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static, instance methods, Thread safe issue  RSS feed

 
Costa lamona
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Hi

1- Instance data accessed only by synchronized instance methods.
2- Static data accessed only by synchronized static methods.

You have to respect this rules if you do not want to have a nasty bug.
but
what if I need to access static data by synchronized instance method or
the vise versa, I was told that there is a way to do that while the class can still thread safe, well What is it?
 
Costa lamona
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I just forgot to say Thanks

so

Thanks
 
Edwin Dalorzo
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I believe that is a question difficult to answer in a forum. And I am pretty sure that reading a couple of books on multithreading programming with Java will indeed help you master this concept.

I am far from being an expert, but I have read Mr. Henry Wong book (who by chance is an honorable member of the JavaRanch) and I would recommend it to you: Java Threads, 3rd Edition

I think that when you have a class member that can be modified by multiple threads concurrently, you have to synchronize access to your variables, regardless of the modification is happening in a static or a non-static context.

For instance, I could have a class that counts how many instance of it are created.



In this case the variable count could be incremented by multiple threads concurrently instantiating a new class Counter. How to synchronize access to the variable count from a non-static context?. As far as I understand, there are several mechanism to do that, all of them are approaches with different adventages and disadventages.

One alternative in this case is to declare the variable as volatile (but be careful volatile is not the cure of all evil). If you are using JDK 1.5 you could also use an atomic object (i.e AtomicInteger).

Another option could be to use a synchronized block to get a lock on the class.



Or you could declare a synchronized method for the increment operation:



Or if using JDK 1.5 you could also use the new Lock objects provided in the java.util.concurrent package.

And I am pretty sure there could even be other possibilities. Therefore, I believe there is not a single way to do it, and it all could depend on the particular problem you want to solve.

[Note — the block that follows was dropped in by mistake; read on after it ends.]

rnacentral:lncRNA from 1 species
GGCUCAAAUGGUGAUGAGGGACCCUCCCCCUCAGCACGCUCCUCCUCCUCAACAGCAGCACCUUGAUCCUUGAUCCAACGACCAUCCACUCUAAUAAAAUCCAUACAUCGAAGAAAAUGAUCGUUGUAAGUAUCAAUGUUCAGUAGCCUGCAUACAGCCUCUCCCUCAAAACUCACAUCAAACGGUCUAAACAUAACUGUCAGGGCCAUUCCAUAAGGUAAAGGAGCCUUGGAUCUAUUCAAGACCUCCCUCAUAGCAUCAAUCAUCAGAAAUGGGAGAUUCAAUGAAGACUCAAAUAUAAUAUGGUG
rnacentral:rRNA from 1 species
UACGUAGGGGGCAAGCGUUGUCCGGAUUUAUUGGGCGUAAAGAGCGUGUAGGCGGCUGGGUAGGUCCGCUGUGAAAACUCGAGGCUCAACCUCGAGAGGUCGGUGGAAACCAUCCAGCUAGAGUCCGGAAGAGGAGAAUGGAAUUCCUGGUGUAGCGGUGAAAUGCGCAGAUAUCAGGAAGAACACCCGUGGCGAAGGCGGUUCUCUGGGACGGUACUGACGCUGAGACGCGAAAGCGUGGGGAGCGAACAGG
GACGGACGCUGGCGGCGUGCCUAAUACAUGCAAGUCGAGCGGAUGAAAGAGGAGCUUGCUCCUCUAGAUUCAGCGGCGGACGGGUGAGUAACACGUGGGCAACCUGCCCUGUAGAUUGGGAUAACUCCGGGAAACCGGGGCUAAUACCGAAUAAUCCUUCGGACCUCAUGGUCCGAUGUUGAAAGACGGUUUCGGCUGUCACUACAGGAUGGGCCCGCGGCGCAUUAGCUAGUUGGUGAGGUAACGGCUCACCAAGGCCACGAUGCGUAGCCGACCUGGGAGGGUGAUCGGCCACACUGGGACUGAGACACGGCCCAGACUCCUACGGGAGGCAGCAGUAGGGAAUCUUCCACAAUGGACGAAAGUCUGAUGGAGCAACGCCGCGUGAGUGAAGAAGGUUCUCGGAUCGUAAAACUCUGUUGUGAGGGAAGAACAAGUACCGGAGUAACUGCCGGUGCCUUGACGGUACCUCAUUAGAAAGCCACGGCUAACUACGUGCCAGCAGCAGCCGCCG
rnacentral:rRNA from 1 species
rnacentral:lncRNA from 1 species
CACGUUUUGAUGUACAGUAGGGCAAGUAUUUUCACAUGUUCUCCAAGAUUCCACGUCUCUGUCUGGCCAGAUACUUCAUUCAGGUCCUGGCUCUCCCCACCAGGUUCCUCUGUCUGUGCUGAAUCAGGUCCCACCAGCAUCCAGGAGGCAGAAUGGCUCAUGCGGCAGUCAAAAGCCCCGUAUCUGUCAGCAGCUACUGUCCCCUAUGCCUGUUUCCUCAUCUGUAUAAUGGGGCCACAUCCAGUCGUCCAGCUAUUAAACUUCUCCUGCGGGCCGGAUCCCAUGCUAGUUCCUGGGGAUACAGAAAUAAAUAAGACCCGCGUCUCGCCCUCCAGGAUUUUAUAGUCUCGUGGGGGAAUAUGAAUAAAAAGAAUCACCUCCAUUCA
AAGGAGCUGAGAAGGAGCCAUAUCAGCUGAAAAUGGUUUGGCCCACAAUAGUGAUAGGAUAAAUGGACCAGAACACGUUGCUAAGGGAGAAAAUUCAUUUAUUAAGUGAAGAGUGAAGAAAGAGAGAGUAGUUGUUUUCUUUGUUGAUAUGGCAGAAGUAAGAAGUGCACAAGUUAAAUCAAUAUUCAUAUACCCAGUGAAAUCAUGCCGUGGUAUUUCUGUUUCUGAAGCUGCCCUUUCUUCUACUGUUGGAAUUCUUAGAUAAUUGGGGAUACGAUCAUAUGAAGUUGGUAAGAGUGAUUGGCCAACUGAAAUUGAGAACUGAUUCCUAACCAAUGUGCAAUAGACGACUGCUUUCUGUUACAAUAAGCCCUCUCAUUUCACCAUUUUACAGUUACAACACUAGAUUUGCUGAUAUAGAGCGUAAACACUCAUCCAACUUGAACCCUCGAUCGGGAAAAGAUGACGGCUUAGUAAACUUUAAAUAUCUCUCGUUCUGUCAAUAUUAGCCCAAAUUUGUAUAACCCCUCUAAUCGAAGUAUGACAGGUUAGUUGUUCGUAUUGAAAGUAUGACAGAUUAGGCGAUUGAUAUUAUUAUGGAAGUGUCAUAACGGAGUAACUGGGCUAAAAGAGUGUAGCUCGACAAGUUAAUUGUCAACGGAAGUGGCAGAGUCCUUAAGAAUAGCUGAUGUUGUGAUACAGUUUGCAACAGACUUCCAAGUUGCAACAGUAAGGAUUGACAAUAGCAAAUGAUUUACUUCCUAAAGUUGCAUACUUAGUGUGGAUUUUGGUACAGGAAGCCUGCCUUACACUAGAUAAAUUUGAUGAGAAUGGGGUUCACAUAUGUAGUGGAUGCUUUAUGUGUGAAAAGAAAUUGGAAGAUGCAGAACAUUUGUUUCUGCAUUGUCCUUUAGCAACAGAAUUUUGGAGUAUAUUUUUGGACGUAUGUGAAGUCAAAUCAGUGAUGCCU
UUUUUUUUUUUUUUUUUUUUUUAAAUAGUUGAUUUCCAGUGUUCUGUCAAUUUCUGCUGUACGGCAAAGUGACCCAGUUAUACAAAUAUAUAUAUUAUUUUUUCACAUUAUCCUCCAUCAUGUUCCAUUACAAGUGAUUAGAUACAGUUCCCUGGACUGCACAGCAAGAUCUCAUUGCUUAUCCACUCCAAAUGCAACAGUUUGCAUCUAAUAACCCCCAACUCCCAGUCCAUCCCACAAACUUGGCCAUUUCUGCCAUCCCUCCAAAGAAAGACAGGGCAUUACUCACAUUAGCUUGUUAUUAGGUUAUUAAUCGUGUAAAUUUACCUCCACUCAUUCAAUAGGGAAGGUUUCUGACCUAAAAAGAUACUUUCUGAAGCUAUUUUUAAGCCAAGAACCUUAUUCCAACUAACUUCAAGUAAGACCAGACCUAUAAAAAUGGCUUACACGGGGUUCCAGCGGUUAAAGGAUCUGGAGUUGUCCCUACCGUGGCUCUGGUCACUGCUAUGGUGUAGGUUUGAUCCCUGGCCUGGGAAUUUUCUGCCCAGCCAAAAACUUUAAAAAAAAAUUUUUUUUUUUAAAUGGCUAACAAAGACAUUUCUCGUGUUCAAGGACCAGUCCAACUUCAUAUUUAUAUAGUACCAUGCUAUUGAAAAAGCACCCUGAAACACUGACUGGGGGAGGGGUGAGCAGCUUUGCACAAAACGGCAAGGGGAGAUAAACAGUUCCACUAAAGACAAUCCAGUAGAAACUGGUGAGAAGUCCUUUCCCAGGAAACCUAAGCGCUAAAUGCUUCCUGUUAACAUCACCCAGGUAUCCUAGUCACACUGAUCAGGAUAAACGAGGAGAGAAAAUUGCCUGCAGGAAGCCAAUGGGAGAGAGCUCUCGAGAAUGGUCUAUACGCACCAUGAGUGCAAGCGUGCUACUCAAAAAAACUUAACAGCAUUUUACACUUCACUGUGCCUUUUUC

[ October 25, 2006: Message edited by: Edwin Dalorzo ]
 
Jim Yingst
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[Mohammed]: what if I need to access static data by synchronized instance method or
the vise versa


If a single method (static or nonstatic) needs to access both static and nonstatic data, that can be a bit complicated. My first preference would be to see if you can refactor the methods of the class so that isn't necessary. But assuming it is necessary - can you separate the methods into two parts, such that all static access is in one part, and all nonstatic access is in another part? With no overlap? Then you can use two synchronized blocks to do what you need:

This same idea can also work with more than two static blocks - as long as the blocks don't need to overlap at all. If they do need to overlap, then you can nest sync blocks - but it's risky, as nesting sync blocks can lead to deadlock if you're not very careful. In this case, I would avoid deadlock by always syncing on the static part first:

That should be safe, as long as no other code ever locks in a different sequence. And note that I would really prefer not to lock on publicly-accessible monitors in the first place - because you never know what other threads may be doing with those same references. Instead I'd prefer to use a few privately-held references. Something like this:


That way you're more secure knowing who has access to your locks. Also this approach makes it easier to replace your synchronized blocks by using java.util.concurrent.locks.Lock instances instead of plain Objects, should you choose to do so. Which is not a bad idea, but it does give you more things to learn about, if you haven't already.
 
Lucas Lee
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It seems you had not get the right way.
If your instance if not in a multithreading environment,you have not to consider
the thread-safe problem.

For example,in servlet environment,one servlet instance maybe shared by multiple thread,then your servlet must be thread-safe.But your other instance of your classes,is not necessary if it is created and called in your serlvet method.
 
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